ORCID Identifier(s)


Graduation Semester and Year




Document Type


Degree Name

Doctor of Philosophy in Civil Engineering


Civil Engineering

First Advisor

James C Williams

Second Advisor

Siamak A Ardekani


As highway infrastructure ages and road congestion increases, roads need to be expanded and reconstructed. It results in creating many construction sites and work zones on highways, which leads to an unavoidable interruption in normal traffic flows and have resulted in traffic congestion, more vehicle emissions, and traffic safety problems. During roadway construction, when lanes or entire highway sections must be temporarily closed, traffic managers would like to inform motorists of alternative routes around the construction site well in advance of the project location. This would help reduce traffic demand through the construction site, enhance the safety of the workers and motorists, reduce traffic delays, and minimize fuel wastage and emissions. The objective of this study is to develop a decision support system to identify the optimum alternate routes around highway construction sites. The developed system, which is named TDS (Traffic Diversion System), helps traffic network managers divert traffic from the disrupted area and reduce the traffic demand through the congested region. TDS’s modules, models, and algorithms allow assessment of alternate routes that optimize network performance. An optimization model (a traffic diversion model) is developed and implemented in TDS to determine the optimum alternate routes around construction activities. To simplify computations, a subnetwork is extracted from the complete network to use in the diversion model instead of the entire network. The size of the subnetwork is estimated based on the modeling framework proposed in this research. Linear regression models, which are functions of the closed link demand and network topology, are developed to estimate the size of the subnetwork around the disruption. The closed link’s area type, traffic volume on the closed link, and travel time on the first and second alternative paths with lowest travel times are significant variables that influence the size of the subnetwork. The proposed traffic diversion model is developed to find the optimum alternate routes around the construction activities, while minimizing the total travel time of the system. Travelers are assumed to follow their historical user equilibrium routes before and after the closure while a certain percentage of them is assumed to divert to the proposed alternate routes. The developed system has an easy to use graphical user interface that allows users to work easily with the system. This system is of interest to construction agencies and traffic network managers to help them divert traffic from the congested area and reduce traffic demand through the construction sites.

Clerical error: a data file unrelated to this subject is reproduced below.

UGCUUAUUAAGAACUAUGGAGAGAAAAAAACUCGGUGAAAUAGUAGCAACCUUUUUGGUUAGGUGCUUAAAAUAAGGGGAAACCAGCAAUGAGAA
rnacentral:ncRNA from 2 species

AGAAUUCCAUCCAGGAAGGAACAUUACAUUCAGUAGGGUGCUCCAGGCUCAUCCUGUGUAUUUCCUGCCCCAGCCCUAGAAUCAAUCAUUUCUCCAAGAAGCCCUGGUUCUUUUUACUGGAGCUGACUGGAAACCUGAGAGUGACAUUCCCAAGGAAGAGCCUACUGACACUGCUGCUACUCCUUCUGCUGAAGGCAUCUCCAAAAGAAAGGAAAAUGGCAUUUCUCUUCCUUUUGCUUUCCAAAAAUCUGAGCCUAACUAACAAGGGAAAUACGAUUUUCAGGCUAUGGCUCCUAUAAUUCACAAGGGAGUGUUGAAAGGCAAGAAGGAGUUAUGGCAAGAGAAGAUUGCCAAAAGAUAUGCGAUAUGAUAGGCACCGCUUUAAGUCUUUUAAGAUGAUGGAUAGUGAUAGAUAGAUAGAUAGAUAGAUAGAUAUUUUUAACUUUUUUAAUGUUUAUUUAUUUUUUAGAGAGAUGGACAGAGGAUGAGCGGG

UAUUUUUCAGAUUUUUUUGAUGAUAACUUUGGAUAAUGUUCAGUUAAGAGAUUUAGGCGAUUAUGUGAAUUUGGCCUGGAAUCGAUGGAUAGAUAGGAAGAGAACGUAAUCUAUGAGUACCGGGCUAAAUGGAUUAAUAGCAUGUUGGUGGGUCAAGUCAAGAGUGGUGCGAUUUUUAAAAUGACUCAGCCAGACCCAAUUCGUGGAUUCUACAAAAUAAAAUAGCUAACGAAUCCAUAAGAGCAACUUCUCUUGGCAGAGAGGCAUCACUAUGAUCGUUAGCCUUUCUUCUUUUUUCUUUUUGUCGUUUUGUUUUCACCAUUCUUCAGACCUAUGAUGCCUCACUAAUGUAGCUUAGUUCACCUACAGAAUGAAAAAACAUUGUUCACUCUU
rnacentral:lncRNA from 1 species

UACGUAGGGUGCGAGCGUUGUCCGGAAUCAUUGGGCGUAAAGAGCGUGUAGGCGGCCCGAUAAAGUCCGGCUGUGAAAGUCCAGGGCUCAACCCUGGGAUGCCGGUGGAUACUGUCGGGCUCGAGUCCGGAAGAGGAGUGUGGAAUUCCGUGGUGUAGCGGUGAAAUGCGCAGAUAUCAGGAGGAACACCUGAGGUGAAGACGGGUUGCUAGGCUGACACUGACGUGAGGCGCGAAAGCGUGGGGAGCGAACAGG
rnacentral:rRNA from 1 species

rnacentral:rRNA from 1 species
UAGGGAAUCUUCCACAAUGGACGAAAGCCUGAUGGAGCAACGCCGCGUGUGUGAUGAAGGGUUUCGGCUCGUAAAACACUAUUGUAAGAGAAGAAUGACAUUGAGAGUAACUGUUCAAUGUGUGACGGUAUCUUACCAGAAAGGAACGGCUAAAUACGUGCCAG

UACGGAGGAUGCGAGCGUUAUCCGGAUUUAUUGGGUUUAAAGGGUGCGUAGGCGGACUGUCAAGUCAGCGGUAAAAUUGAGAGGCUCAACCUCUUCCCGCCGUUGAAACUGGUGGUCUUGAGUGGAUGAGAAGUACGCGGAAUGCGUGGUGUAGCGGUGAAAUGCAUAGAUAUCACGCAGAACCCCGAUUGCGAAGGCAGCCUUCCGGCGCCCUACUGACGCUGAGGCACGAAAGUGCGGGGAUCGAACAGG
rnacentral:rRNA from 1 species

Decision support system, Traffic diversion


Civil and Environmental Engineering | Civil Engineering | Engineering


Degree granted by The University of Texas at Arlington